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PNHP RESOURCES

Rep. Jim McDermott introduces The American Health Security Act of 2015

THE AMERICAN HEALTH SECURITY ACT OF 2015

By Rep. Jim McDermott
House of Representatives, March 2, 2015

Mr. MCDERMOTT. Mr. Speaker, I rise today to introduce the American Health Security Act of 2015, legislation to provide comprehensive health coverage to every American and recognize that health care is a human right.

The Affordable Care Act was a dramatic step forward in improving the health security of the American people. This landmark law has expanded access to coverage, improved the solvency of our public programs, and made numerous reforms that have saved consumers billions of dollars. As we look for ways to build upon and strengthen the law, we must recognize that millions of Americans continue to fall through the cracks in the private health insurance market. The only way to truly en- sure that access to quality health care is a right enjoyed by every American is through a single-payer system.

The American Health Security Act builds upon the success of the Affordable Care Act by providing universal health coverage to all Americans. It creates a framework that allows states to administer their own universal health insurance systems, subject to rigorous federal standards. Benefits would be comprehensive, costs would be contained, and patients would have full choice of doctor and hospital. This universal model would put an end to the inequities that continue to plague our system and jeopardize the health security of American families.

https://www.congress.gov/crec/2015/03/02/CREC-2015-03-02-pt1-PgE286-2.pdf

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H.R.1200 - To provide for health care for every American and to control the cost and enhance the quality of the health care system.

All Bill Information (Except Text): https://www.congress.gov/bill/114th-congress/house-bill/1200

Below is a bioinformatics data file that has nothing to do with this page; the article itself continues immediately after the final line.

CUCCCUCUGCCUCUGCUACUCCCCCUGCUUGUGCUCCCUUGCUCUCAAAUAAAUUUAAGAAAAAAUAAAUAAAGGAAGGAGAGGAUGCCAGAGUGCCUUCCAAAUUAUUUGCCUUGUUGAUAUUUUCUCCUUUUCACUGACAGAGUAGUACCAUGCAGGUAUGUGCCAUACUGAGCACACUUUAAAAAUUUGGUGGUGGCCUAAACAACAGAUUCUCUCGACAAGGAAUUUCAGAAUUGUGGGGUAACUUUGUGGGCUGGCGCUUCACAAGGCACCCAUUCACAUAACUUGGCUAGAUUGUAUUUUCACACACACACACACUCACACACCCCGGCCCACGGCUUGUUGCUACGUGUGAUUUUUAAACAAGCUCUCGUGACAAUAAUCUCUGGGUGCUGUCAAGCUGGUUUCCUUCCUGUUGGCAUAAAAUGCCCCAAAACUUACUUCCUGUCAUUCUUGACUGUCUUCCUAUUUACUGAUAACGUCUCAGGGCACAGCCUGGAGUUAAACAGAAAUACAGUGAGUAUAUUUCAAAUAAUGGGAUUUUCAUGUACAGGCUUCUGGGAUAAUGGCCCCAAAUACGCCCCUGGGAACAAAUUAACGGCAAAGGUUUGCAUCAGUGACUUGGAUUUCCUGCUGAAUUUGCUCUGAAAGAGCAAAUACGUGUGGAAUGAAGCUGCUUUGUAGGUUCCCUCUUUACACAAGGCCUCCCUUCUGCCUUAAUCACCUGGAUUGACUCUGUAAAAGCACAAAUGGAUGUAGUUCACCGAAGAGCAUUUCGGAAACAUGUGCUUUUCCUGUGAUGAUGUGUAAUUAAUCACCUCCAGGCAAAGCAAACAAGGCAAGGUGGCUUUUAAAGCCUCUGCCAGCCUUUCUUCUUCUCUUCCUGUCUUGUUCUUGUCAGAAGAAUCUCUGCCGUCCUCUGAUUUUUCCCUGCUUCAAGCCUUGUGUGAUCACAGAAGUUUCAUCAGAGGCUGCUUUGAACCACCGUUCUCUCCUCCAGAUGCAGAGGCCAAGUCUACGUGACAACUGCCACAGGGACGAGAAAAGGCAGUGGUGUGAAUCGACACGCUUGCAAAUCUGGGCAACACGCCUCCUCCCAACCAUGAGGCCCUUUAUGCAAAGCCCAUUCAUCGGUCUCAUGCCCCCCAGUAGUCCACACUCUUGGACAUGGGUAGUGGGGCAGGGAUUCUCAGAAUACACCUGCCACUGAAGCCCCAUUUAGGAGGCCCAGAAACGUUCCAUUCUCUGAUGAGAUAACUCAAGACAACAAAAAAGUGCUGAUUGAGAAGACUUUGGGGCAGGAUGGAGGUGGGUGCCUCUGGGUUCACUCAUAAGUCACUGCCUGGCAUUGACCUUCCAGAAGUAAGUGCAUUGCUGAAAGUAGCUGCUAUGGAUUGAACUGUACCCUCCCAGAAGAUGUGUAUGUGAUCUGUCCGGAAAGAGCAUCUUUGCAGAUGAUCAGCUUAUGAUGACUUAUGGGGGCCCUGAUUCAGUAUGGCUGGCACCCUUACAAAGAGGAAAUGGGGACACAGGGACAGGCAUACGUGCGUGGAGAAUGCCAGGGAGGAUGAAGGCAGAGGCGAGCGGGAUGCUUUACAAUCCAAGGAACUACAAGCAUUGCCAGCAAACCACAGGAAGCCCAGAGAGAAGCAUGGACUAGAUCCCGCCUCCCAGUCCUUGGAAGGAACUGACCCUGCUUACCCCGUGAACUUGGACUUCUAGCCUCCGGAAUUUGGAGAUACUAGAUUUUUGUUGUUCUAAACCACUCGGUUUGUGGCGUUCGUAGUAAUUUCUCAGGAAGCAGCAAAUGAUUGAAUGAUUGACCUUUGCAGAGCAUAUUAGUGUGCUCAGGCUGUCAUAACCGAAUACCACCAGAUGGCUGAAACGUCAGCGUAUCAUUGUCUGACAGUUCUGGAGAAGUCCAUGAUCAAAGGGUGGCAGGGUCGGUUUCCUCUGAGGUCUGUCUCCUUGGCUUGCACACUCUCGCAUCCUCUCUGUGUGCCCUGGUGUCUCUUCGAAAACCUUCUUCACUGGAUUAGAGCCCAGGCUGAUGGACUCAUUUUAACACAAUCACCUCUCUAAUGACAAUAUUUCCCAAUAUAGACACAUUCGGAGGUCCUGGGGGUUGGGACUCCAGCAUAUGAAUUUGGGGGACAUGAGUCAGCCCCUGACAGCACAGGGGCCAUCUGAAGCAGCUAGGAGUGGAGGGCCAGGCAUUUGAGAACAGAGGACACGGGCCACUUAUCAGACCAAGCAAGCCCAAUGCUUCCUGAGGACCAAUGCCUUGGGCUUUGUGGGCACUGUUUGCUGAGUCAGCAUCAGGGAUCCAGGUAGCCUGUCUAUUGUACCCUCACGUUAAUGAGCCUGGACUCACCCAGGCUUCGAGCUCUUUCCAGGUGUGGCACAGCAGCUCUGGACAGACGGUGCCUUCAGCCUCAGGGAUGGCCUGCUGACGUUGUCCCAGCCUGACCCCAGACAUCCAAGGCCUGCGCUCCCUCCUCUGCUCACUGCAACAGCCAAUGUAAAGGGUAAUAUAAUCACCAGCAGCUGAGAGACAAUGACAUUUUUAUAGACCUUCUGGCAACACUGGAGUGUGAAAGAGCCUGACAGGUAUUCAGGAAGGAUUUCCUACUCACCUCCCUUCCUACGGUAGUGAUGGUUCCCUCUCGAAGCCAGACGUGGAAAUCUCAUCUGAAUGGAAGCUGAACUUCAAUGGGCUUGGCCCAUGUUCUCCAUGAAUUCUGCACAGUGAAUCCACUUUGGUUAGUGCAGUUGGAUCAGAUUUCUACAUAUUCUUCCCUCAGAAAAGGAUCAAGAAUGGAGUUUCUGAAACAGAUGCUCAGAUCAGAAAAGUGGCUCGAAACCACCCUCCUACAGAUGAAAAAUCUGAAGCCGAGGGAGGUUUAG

Although the text of the bill has not yet been posted, I contacted Daniel Foster, Jim McDermott’s legislative aide for health, asking him if the text is the same as when it was introduced in the 113th Congress. His response: “Yes, the bill is largely the same as last time except for a few tweaks and some minor technical corrections.”

The line for the text of the version introduced in the 113th Congress can be used as a temporary resource until the current text is posted: https://www.congress.gov/bill/113th-congress/house-bill/1200/text

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Comment:

By Don McCanne, MD

Rep. Jim McDemott has introduced, in the 114th Congress, H.R. 1200, The American Health Security Act of 2015, a slightly updated version of his legislation that would permit states to enact comprehensive, universal systems, such as single payer. In the 113th Congress, Sen. Bernie Sanders introduced S. 1782, The American Health Security Act of 2013, based on Rep. McDermott’s H.R.1200.

GovTrack.us gives a 0% chance of this bill being enacted. Any objective assessment of the current Congress would certainly lead us to the same conclusion. But that does not mean that we should simply give up and walk away. We will not have a bona fide single payer system in the United States, on either a state or federal level, without Congressional action.

Those of us at Physicians for a National Health Program support John Conyers’ H.R.676, which would establish a national single payer program (after all, “national” is in our name). Those who believe that we should follow the lead of Saskatchewan and first establish single payer on a state level may prefer H.R.1200/S.1782. Regardless, since these bills will not receive a vote in the current Congress, they should be used as advocacy pieces as we explain to the public why single payer is an imperative.

The ultimate goal is health care justice for everyone in the nation whether we move directly to a national program or we transition through state models of single payer. We certainly should continue to advocate for a national program, but, if an opportunity on the state level opens up, that should be pursued while simultaneously continuing to advocate for a national program.

State versus federal is a secondary issue. We’ll have neither unless the people understand and start demanding single payer. Let’s work on that.